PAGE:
Host Ira Glass talks with a guy who hit the road after his mother's death, hoping for some experience that would change him and shed light on what had just happened. This never happens to him, or to most of us.
Ira with "The Hens," a group of nine middle-aged women who've known each other since girlhood. They play recordings of their recent three-day road trip from Chicago to a casino in a cotton field in Mississippi.
Brett Leveridge was standing on the subway. A guy comes walking down the platform, stopping in front of each passenger and delivering a quiet verdict: "You're in.
More than England, or Japan or Israel.... When we think of South Africa, it's a more interesting mirror of the United States than nearly any country, because we glimpse a distant echo of the most frightening parts of American society — and the most inspiring.
Julie throws up.
This American Life gets a return visit from Evan Harris, the woman who used to believe that quitting was the one thing at the heart of all human existence.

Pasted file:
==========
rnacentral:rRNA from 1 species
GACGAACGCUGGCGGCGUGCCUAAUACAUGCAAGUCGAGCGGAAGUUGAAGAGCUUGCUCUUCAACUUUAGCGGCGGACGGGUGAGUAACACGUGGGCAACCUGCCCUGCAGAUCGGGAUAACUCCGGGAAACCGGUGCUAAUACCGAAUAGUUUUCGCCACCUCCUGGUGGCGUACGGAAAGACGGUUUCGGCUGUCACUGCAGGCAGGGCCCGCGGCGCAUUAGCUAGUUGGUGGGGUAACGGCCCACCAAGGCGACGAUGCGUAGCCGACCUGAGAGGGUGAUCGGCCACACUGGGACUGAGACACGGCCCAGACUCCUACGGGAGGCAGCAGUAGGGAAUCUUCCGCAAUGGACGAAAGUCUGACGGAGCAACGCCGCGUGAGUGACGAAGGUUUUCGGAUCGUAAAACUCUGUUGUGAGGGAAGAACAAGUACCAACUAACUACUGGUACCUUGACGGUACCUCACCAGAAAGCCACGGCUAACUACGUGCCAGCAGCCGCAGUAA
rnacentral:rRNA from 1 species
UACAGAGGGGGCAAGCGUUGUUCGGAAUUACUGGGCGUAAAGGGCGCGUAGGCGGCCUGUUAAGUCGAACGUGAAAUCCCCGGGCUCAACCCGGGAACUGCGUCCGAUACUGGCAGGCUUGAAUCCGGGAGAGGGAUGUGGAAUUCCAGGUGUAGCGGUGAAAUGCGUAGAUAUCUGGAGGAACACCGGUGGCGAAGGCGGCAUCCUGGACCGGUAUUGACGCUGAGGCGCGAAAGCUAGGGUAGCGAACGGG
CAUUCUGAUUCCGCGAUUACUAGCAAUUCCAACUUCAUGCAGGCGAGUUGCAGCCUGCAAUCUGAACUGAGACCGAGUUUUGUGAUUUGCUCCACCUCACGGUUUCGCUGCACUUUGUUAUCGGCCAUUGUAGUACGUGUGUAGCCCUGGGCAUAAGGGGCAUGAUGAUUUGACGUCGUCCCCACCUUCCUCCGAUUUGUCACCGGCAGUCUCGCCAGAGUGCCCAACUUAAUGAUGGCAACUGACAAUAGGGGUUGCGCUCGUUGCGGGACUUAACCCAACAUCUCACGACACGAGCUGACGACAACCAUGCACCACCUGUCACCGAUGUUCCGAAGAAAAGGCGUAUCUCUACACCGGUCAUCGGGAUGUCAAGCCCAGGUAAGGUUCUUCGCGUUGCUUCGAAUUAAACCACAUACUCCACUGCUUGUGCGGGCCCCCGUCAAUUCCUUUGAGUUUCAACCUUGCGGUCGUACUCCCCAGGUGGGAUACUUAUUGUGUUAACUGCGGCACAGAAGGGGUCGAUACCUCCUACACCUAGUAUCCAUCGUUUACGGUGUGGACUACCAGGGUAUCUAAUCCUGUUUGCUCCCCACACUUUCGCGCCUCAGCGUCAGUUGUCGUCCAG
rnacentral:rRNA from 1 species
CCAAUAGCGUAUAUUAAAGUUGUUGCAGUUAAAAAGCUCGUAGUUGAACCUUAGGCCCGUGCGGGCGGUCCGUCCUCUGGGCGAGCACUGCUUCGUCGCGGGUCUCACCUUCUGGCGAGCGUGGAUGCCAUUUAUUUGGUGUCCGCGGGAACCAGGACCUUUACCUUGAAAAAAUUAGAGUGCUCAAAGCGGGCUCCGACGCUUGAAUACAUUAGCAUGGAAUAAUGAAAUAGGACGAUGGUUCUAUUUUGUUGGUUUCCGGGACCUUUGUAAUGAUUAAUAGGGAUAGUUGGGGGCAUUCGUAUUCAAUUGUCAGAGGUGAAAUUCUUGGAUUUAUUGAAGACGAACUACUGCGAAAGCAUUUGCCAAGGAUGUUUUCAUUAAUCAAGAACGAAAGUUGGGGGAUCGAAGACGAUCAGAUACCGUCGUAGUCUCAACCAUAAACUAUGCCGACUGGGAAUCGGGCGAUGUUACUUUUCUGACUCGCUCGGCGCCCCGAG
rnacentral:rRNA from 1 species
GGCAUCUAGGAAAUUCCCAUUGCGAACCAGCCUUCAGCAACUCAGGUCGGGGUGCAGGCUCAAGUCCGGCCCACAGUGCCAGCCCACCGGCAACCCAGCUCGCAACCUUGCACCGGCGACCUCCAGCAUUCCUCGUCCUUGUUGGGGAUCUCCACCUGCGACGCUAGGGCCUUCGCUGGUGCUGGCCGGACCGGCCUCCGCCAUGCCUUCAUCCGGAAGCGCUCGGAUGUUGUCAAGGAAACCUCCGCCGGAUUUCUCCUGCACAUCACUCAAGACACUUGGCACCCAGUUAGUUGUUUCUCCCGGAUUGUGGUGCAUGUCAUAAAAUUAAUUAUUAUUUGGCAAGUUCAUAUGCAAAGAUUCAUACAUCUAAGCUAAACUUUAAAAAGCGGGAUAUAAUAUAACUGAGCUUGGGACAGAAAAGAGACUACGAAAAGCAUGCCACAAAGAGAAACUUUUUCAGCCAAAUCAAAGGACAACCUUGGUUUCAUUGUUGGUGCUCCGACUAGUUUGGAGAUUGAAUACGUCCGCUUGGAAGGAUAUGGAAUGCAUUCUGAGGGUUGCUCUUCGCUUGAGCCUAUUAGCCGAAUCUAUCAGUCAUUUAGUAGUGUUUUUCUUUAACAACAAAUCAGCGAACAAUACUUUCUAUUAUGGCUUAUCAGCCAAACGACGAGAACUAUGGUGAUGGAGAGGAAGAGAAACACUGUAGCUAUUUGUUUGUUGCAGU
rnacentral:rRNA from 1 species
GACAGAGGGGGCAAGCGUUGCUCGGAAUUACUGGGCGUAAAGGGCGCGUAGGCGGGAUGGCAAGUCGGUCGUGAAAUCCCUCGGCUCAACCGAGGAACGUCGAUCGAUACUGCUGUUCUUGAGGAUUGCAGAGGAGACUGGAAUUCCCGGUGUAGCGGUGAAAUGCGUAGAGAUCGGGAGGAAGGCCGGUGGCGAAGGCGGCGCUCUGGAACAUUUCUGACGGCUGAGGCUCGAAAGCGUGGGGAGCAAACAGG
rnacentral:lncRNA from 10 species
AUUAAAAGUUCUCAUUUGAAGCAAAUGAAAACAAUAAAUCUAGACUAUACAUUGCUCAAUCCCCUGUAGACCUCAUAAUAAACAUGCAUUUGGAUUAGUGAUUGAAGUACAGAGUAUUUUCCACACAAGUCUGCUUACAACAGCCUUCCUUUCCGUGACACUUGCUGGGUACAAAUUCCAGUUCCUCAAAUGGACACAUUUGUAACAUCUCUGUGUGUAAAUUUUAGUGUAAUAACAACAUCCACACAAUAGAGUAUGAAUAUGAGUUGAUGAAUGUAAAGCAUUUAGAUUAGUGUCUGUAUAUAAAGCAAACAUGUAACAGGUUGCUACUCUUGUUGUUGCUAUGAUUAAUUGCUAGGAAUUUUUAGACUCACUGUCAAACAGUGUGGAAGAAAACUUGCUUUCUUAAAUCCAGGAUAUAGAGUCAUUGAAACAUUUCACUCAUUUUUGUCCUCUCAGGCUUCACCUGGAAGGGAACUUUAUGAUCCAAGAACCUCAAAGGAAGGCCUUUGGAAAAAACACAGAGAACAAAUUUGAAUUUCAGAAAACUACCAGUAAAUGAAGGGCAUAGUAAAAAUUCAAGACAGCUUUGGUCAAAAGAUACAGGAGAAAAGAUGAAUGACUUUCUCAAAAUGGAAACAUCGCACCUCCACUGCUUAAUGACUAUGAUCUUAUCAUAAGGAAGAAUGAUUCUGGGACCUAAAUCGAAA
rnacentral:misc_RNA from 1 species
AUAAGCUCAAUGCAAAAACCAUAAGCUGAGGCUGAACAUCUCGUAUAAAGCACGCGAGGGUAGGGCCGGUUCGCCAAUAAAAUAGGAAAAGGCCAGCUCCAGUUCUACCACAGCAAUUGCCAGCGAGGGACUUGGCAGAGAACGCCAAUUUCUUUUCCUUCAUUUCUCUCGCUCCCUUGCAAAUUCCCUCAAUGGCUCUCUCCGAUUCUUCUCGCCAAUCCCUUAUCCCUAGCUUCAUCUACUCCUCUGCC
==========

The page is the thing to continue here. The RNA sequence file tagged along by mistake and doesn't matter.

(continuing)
Host Ira Glass goes to the Federal Express hub at Memphis to watch 1.2 million pieces of overnight mail get sorted in one night and to talk to the adrenaline junkies in the FedEx Command Center.
Kevin Kelly is interviewed.
Host Ira Glass uses Italian author Umberto Eco's essay Travels in Hyperreality as a guidebook to American simulated worlds. Eco says that the urge to create these miniature simulated worlds is a very American impulse — a significant American aesthetic — and one that's not often discussed.
Host Ira Glass shares photos (on the radio) of his family vacation in Hawaii.
After he goes to Jerusalem and sleeps on what is supposedly the very spot where Jesus was crucified, Kevin Kelly has a revelation: that he should live the next six months as if he would die at the end of them. So he gives away nearly everything he owns, and tries to live each day as if his death is imminent — which turns out to be a great challenge.